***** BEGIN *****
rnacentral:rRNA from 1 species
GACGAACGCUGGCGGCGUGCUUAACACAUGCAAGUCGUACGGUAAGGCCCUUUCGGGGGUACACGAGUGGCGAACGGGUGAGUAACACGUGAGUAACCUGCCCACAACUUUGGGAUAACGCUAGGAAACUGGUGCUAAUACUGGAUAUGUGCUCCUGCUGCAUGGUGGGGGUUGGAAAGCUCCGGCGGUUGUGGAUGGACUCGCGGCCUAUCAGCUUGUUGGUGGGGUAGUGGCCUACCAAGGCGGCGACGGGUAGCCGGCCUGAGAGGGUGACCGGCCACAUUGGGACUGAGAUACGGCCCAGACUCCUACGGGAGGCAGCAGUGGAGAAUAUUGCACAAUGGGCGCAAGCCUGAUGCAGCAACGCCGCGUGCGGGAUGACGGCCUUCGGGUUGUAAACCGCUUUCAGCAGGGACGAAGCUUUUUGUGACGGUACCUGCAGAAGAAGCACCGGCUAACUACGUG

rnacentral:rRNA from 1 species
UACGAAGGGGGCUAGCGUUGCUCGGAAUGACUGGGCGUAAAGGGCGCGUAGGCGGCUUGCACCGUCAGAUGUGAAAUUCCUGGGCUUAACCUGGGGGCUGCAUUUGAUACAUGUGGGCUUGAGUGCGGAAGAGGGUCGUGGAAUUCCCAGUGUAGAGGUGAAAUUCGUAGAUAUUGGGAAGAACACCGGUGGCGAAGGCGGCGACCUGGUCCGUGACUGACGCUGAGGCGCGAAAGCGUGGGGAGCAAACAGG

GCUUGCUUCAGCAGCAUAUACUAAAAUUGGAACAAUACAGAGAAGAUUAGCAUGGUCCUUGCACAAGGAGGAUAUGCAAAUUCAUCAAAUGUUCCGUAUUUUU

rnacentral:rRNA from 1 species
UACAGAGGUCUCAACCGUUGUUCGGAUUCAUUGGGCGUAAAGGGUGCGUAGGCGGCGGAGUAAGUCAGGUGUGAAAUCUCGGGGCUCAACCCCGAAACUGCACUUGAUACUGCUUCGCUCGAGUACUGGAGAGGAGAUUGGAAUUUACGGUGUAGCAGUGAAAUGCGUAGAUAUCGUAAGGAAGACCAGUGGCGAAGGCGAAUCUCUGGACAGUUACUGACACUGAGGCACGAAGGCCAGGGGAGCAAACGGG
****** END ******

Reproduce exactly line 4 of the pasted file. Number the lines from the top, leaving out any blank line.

UACGAAGGGGGCUAGCGUUGCUCGGAAUGACUGGGCGUAAAGGGCGCGUAGGCGGCUUGCACCGUCAGAUGUGAAAUUCCUGGGCUUAACCUGGGGGCUGCAUUUGAUACAUGUGGGCUUGAGUGCGGAAGAGGGUCGUGGAAUUCCCAGUGUAGAGGUGAAAUUCGUAGAUAUUGGGAAGAACACCGGUGGCGAAGGCGGCGACCUGGUCCGUGACUGACGCUGAGGCGCGAAAGCGUGGGGAGCAAACAGG